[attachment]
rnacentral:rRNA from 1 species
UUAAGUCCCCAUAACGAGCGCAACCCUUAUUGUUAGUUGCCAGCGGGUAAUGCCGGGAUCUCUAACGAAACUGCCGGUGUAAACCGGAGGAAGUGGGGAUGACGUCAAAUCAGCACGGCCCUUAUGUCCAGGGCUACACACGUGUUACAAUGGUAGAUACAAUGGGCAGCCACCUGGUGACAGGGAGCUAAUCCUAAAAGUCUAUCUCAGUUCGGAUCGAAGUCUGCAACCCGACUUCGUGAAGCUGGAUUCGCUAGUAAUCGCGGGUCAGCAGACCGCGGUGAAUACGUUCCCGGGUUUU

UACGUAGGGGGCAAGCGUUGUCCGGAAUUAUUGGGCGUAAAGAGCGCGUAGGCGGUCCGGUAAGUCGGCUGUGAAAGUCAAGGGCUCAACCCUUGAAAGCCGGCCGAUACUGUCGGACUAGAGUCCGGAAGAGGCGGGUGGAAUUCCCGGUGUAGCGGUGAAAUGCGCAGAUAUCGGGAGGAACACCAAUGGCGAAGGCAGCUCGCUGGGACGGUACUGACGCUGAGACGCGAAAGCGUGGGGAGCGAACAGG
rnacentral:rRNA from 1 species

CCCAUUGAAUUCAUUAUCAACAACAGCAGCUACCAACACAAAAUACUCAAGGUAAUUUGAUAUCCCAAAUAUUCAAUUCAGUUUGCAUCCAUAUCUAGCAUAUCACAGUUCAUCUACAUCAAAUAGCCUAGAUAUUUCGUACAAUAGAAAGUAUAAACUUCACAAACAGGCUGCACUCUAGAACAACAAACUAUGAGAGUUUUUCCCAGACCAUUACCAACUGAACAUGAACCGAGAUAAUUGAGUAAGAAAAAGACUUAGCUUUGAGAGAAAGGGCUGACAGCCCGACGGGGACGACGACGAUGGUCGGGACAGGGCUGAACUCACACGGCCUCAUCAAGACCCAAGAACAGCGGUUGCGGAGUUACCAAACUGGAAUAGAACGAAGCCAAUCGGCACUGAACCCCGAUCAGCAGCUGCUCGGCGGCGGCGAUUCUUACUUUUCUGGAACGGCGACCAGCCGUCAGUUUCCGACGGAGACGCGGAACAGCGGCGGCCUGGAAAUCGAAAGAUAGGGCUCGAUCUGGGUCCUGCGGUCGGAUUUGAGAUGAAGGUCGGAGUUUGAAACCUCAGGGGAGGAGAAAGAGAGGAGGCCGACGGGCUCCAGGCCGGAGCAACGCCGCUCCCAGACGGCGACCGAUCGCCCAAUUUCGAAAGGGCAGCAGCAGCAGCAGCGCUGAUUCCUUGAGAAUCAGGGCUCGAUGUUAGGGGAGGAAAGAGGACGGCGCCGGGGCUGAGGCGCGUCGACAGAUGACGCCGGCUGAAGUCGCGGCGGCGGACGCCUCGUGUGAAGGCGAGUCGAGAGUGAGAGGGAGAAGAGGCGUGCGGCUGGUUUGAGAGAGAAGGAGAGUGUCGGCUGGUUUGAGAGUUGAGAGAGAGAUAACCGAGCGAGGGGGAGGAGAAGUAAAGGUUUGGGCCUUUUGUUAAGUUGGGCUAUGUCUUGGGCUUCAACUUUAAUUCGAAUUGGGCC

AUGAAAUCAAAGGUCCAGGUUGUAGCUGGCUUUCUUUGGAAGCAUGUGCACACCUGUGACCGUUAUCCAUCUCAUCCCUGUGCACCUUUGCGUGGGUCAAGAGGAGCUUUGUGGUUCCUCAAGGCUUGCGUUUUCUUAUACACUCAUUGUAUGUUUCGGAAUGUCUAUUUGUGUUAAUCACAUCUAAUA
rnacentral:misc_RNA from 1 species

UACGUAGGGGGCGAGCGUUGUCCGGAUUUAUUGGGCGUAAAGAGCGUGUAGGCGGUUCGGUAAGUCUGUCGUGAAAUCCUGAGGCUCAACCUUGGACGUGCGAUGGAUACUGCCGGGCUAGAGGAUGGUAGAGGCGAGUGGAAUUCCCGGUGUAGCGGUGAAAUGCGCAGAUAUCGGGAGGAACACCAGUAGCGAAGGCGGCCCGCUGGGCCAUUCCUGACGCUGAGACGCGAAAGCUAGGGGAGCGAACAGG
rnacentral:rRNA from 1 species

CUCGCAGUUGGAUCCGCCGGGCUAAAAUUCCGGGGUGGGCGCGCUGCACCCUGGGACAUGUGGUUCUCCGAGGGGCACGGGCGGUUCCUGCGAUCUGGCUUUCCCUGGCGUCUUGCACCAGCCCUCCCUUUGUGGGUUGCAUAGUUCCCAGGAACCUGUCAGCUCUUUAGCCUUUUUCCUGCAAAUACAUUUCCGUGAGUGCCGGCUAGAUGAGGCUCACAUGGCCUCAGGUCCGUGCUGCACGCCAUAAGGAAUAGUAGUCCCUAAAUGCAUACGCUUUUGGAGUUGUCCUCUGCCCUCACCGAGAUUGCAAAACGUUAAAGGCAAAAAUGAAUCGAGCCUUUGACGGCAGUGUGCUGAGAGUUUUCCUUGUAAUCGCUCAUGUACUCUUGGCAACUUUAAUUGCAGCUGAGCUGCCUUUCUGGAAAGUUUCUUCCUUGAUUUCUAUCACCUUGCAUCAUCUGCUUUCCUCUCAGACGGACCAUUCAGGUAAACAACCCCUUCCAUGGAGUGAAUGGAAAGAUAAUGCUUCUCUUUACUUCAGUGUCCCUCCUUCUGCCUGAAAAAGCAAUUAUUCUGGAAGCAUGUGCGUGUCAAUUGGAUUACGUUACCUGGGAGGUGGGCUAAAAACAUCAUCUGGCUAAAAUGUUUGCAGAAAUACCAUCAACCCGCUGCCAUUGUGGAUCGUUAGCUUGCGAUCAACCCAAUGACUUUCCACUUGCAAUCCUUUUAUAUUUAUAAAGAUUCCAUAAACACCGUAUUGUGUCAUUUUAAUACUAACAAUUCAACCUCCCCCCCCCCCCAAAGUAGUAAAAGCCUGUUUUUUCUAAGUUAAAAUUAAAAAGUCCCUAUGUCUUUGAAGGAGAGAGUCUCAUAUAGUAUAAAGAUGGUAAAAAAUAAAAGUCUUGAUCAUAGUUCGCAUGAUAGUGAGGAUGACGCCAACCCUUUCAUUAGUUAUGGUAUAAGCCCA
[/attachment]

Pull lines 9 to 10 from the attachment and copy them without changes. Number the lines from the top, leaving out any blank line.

rnacentral:rRNA from 1 species

CUCGCAGUUGGAUCCGCCGGGCUAAAAUUCCGGGGUGGGCGCGCUGCACCCUGGGACAUGUGGUUCUCCGAGGGGCACGGGCGGUUCCUGCGAUCUGGCUUUCCCUGGCGUCUUGCACCAGCCCUCCCUUUGUGGGUUGCAUAGUUCCCAGGAACCUGUCAGCUCUUUAGCCUUUUUCCUGCAAAUACAUUUCCGUGAGUGCCGGCUAGAUGAGGCUCACAUGGCCUCAGGUCCGUGCUGCACGCCAUAAGGAAUAGUAGUCCCUAAAUGCAUACGCUUUUGGAGUUGUCCUCUGCCCUCACCGAGAUUGCAAAACGUUAAAGGCAAAAAUGAAUCGAGCCUUUGACGGCAGUGUGCUGAGAGUUUUCCUUGUAAUCGCUCAUGUACUCUUGGCAACUUUAAUUGCAGCUGAGCUGCCUUUCUGGAAAGUUUCUUCCUUGAUUUCUAUCACCUUGCAUCAUCUGCUUUCCUCUCAGACGGACCAUUCAGGUAAACAACCCCUUCCAUGGAGUGAAUGGAAAGAUAAUGCUUCUCUUUACUUCAGUGUCCCUCCUUCUGCCUGAAAAAGCAAUUAUUCUGGAAGCAUGUGCGUGUCAAUUGGAUUACGUUACCUGGGAGGUGGGCUAAAAACAUCAUCUGGCUAAAAUGUUUGCAGAAAUACCAUCAACCCGCUGCCAUUGUGGAUCGUUAGCUUGCGAUCAACCCAAUGACUUUCCACUUGCAAUCCUUUUAUAUUUAUAAAGAUUCCAUAAACACCGUAUUGUGUCAUUUUAAUACUAACAAUUCAACCUCCCCCCCCCCCCAAAGUAGUAAAAGCCUGUUUUUUCUAAGUUAAAAUUAAAAAGUCCCUAUGUCUUUGAAGGAGAGAGUCUCAUAUAGUAUAAAGAUGGUAAAAAAUAAAAGUCUUGAUCAUAGUUCGCAUGAUAGUGAGGAUGACGCCAACCCUUUCAUUAGUUAUGGUAUAAGCCCA